• Yannis, like many people who have “discovered” your website, I look forward to reading your insightful and educational articles. It has been and still remains difficult to always fully understand the mess that Europe has got itself into and how we will find our way out of it. I can only imagine that for many “Euro-citizens” like myself, we may not have the means to make any difference to the problems, but to be able to have some understanding of what is happening from someone like yourself instead of idiotic politicians and the sensationalizing media, at least leaves us feeling not entirely hopeless. Many thanks and I look forward to reading your next article.

    • John – I have to agree, but Yianis’s solution to the crisis is very similar to what you hear in the news ie the ECB should have more power to print money without interference from sovereign governments who have the Euro as their currency. (Don’t get me wrong, I respect Yianis hugely, if I didn’t I wouldn’t bother with his blog!)

    • Apologies Richard but you are misinterpreting our Modest Proposal. Its gist is that the ECB will not be printing money. Rather, it will be acting as a go-between fiscally stricken member states and money markets. Effectively, the ECB will be borrowing on, say, Spain’s behalf and ensuring that Spain pays the money back. This is hugely different to the ECB printing money.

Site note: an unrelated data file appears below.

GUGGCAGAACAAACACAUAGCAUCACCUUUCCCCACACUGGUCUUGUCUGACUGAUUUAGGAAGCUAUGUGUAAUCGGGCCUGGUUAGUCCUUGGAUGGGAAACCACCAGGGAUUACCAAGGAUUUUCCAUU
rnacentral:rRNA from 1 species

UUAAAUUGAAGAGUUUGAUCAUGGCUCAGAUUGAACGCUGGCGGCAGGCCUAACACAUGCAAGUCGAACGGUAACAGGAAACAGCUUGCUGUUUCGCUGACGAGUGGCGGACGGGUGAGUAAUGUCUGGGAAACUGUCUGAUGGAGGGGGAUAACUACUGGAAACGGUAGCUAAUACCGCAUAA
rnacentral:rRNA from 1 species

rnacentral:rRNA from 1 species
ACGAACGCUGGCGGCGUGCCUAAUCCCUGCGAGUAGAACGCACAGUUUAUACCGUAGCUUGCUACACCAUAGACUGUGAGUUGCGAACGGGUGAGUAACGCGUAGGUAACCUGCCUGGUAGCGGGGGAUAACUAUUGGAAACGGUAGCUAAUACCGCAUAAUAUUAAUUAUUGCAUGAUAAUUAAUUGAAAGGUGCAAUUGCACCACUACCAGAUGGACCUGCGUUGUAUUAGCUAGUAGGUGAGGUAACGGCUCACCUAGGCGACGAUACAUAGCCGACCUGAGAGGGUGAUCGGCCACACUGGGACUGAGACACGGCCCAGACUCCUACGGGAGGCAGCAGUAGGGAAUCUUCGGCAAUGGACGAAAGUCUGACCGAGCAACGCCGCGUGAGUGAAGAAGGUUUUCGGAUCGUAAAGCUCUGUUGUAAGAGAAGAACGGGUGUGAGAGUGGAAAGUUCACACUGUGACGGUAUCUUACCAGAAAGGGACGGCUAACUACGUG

• Yanis – “Effectively, the ECB will be borrowing on, say, Spain’s behalf and ensuring that Spain pays the money back.” – Okay, I think I see what your saying now, your issue is that Spain for example can service its debt at 3% for example but not at 6% for example and the only reason it is at 6% is due to speculators?

      Assuming that is your position, you have to ask why has the interest rate gone up to 6% in the first place and is the situation really something that you want to perpetuate by getting the ECB involved? ie a situation that is out of Spain’s control due to the size of their debt and the power of international investors/speculators.

      And I think it has to be acknowledged that the bond markets are highly manipulated, and manipulated by the same major banks that are awash with cheap cash that ironically was issued by the ECB. The ECB is creating a self perpetuating problem by throwing petrol on the fire from both sides of the circle.

      In other words, the power of speculators to manipulate the borrowing costs of even Germany comes from the fact that the ECB is issuing almost free money to “support” these speculators/banks which is then giving them a spread to invest in other governments around the world who pay a much bigger yield on their debt, Brazil for example.